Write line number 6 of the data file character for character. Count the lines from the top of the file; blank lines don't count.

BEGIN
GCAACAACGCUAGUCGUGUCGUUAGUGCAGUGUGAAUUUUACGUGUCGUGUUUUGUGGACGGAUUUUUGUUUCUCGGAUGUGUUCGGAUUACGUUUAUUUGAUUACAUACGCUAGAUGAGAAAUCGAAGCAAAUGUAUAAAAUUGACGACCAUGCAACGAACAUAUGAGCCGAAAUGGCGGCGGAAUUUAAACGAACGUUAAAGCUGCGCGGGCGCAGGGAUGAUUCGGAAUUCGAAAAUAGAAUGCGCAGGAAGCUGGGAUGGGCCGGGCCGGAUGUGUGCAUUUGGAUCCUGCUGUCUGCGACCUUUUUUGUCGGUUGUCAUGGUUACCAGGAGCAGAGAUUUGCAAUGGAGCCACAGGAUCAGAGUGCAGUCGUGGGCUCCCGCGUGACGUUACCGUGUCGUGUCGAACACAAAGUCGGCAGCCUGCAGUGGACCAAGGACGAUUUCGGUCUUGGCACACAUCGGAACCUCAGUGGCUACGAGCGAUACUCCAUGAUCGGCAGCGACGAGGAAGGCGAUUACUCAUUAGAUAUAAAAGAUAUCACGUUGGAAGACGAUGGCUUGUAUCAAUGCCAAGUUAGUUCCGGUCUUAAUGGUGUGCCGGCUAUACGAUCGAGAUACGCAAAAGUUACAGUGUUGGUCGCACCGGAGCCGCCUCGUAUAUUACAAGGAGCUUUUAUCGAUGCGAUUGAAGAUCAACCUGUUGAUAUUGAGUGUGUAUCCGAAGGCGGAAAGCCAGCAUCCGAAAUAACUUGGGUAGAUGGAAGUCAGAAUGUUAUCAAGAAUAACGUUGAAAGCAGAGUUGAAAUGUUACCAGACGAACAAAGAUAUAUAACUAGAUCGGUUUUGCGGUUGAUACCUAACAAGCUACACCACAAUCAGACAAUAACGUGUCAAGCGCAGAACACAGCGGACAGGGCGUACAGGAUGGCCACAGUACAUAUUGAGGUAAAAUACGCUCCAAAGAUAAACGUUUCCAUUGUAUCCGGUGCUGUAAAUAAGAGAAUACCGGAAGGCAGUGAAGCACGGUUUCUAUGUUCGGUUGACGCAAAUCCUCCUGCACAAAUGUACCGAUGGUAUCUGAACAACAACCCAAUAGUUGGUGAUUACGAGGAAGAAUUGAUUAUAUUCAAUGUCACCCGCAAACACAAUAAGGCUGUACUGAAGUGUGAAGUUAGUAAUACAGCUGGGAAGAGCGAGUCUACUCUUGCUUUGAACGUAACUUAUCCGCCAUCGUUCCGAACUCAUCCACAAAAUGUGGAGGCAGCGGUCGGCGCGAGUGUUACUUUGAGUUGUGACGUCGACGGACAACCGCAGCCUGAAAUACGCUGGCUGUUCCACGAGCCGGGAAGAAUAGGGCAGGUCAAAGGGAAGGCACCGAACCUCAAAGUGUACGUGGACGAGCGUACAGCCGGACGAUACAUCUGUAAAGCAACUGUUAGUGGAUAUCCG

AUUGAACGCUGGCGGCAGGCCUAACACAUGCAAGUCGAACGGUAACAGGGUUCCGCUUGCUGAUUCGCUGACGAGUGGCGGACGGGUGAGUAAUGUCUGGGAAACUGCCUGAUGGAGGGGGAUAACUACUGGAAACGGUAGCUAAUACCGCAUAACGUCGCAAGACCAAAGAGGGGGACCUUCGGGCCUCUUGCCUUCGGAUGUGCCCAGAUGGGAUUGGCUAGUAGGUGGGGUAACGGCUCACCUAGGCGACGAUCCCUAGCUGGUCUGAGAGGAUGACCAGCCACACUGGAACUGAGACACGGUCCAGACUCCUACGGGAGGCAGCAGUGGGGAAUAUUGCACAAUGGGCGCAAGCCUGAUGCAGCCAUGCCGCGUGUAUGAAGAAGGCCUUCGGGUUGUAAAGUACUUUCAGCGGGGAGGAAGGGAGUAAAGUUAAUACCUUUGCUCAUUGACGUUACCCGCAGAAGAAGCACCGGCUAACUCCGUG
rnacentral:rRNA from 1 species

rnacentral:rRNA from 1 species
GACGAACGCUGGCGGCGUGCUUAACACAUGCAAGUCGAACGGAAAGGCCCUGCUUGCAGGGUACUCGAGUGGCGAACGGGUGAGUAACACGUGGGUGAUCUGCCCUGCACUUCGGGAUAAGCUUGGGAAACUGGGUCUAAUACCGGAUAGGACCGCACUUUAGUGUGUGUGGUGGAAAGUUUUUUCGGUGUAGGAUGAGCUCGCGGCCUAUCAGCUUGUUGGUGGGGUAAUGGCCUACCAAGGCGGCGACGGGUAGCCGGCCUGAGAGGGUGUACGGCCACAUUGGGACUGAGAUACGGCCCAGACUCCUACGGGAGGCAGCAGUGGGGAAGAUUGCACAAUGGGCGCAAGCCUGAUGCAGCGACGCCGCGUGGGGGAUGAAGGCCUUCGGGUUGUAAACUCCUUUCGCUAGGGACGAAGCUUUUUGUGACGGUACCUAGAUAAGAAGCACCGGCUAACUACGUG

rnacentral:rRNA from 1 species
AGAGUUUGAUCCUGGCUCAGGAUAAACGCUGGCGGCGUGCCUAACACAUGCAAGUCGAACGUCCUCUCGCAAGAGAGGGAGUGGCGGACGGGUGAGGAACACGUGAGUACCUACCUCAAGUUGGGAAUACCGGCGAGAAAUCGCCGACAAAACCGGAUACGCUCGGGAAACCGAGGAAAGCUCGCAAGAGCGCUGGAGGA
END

rnacentral:rRNA from 1 species